Open Letter To The Top Bureaucrat In MOH (Part 1) — Dr Musa Mohd Nordin

In a letter to MOH’s top bureaucrat, Dr Musa Mohd Nordin suggests that MOH learn from the paediatric fraternity on how to use AI and a Health Information System to resolve the maldistribution of doctors, citing also lessons from MNCs and aviation industry.

As a doctor, I am utterly distressed by the daily news about the apparent critical state of the nation’s health care services and workforce in recent months, and doctors having their contracts terminated after working long hours and under poor working conditions.  

The Ministry of Health’s (MOH) efforts in going the extra mile to support contract doctors by levelling training opportunities is commendable and widely acknowledged.

However, the younger generation is not motivated to stay on and apply for permanent posts, what with unappealing terms of service in far-flung districts and mismatched disciplines. 

Some would have heard about the doctor who passed the MRCPCH paediatric professional exams, and has a contract due to expire this month.

It was easy for everyone to come to the wrong conclusion, but the doctor has actually declined a permanent post offer by the Public Service Department (JPA) a few years back.

Even with the allegations of cruelty, the MOH has tried to negotiate with JPA to renew a two-year contract for this doctor. 

The valiant effort to retain doctors and improve the uptake of permanent posts is perhaps too little, too late. The core of the problem is actually the poor human resource planning and development at the MOH. 

I had earlier raised the grave issue of doctor maldistribution in the MOH and offered some solutions to this chronic problem.

The MOH can learn from the paediatric fraternity, who virtually solved their manpower distribution with an ingenious data-driven, doctor-to-workload norm, which can be further improved, refined, and digitalised for other disciplines. 

Using Artificial Intelligence (AI) and algorithms, the movement and rotation of doctors can be fairly and promptly resolved. This Health Information System (HIS) empowers the MOH with data-driven forecasts of medical manpower needs and better allocate medical personnel accordingly.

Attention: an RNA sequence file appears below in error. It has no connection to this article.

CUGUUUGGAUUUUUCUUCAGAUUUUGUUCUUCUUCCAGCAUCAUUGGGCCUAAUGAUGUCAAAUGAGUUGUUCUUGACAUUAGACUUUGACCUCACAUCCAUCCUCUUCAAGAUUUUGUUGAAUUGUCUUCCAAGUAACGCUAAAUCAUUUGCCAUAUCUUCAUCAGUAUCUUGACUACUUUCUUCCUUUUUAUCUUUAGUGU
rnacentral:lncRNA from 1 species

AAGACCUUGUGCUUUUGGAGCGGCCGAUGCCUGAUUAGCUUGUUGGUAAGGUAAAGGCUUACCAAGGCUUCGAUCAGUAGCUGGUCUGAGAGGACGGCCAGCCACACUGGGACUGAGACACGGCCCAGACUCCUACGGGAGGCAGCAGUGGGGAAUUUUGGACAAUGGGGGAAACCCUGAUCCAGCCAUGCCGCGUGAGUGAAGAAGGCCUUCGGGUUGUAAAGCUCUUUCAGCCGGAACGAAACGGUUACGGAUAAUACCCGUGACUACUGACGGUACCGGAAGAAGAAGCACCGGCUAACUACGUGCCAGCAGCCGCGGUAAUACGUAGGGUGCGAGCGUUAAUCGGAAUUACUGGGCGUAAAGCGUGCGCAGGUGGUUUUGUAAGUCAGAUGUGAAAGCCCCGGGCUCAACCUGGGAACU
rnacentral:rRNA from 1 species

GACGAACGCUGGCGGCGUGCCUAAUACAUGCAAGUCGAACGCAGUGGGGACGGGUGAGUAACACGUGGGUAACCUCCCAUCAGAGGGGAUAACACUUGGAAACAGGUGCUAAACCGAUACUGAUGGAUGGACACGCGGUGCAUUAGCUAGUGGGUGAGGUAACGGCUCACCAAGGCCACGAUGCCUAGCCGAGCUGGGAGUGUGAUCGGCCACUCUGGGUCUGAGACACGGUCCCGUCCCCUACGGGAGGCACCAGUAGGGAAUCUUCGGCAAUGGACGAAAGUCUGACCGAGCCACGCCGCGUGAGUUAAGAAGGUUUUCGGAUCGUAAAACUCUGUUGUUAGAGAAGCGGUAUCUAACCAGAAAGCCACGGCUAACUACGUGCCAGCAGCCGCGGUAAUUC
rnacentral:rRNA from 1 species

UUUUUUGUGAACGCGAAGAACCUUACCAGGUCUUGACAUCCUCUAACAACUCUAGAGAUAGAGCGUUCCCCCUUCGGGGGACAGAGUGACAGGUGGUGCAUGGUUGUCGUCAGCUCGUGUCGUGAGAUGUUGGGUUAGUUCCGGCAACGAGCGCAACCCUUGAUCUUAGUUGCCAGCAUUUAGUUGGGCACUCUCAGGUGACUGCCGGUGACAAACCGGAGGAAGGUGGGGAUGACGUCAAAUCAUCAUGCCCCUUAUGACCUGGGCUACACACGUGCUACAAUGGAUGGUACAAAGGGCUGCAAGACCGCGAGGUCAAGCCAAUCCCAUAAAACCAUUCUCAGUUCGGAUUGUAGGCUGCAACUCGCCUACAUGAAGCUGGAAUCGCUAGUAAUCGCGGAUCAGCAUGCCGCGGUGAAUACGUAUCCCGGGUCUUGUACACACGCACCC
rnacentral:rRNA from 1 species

The MOH must learn from global multinational corporations about manpower distribution, such as the stringent safety culture of the aviation industry where there is no room for error. 

The “Sihat Bersama 2030 Concept Note”, prepared by the Health Advisory Council to the Health Minister in November 2019, offers a range of solutions on human resource development that the MOH leadership can refer to.

One thing is for sure: the mess in which the health care workforce finds itself today is, in many ways, a legacy of the dysfunctional health leadership of the preceding years.

To paraphrase a leading clinician, now in retirement, but still upset by the failure of the present health care leadership:

“Honestly brother, the present MOH leaders at the top, both medical and administration (Pegawai Tadbir Diplomatik, PTD officers) are really weak. Serious!

“Pengarah2 in Putrajaya or in the states are seriously non-productive. Dare not speak out! All yes man (wonder who gestated this MOH culture?).

“They bend backwards for a guy to leap from UD54 to Khas Untuk Penyandang Jusa B and don’t give a hoot for the mass resignation of doctors at the grass roots.

“Their standard answer to these junior doctors, susah la! JPA tak approve, bla bla bla”

Considering the uncertainties and disorder in health human resources, here are three critical priorities that the top bureaucrat in MOH needs to address immediately: 

Deploy AI To Correct The Maldistribution Of Doctors 

The paediatric fraternity’s proactive and forward-looking initiative of creating a data-driven model for human resource planning places them at the forefront of solutions for workforce distribution of other specialties.

This team should be recruited to form a MOH Human Resource Planning and Development Task Force.

Using the technology, we can have live access to a dashboard that maps the under or oversupply of doctors in every state, hospital, district hospital, and health centres.

The dashboard will be displayed on screens at the Health Minister’s office for his attention and action. The Task Force can then analyse and advise the minister on the baseline number of specialists, medical officers, and house officers required to run the MOH services satisfactorily, and sound alerts when a potential human resource crisis is detected (abnormal high attrition, festive or maternity leave, etc.) before it emerges.

With this, the minister can negotiate with the Public Service Department (JPA) to stem the issue of random and indiscriminate terminations of doctors’ contracts.

This will correct the problem of gross maldistribution of health care workers currently plaguing the MOH that has severely undermined the future and morale of junior doctors. 

Dr Musa Mohd Nordin is a consultant paediatrician.

  • This is the personal opinion of the writer or publication and does not necessarily represent the views of CodeBlue.

You may also like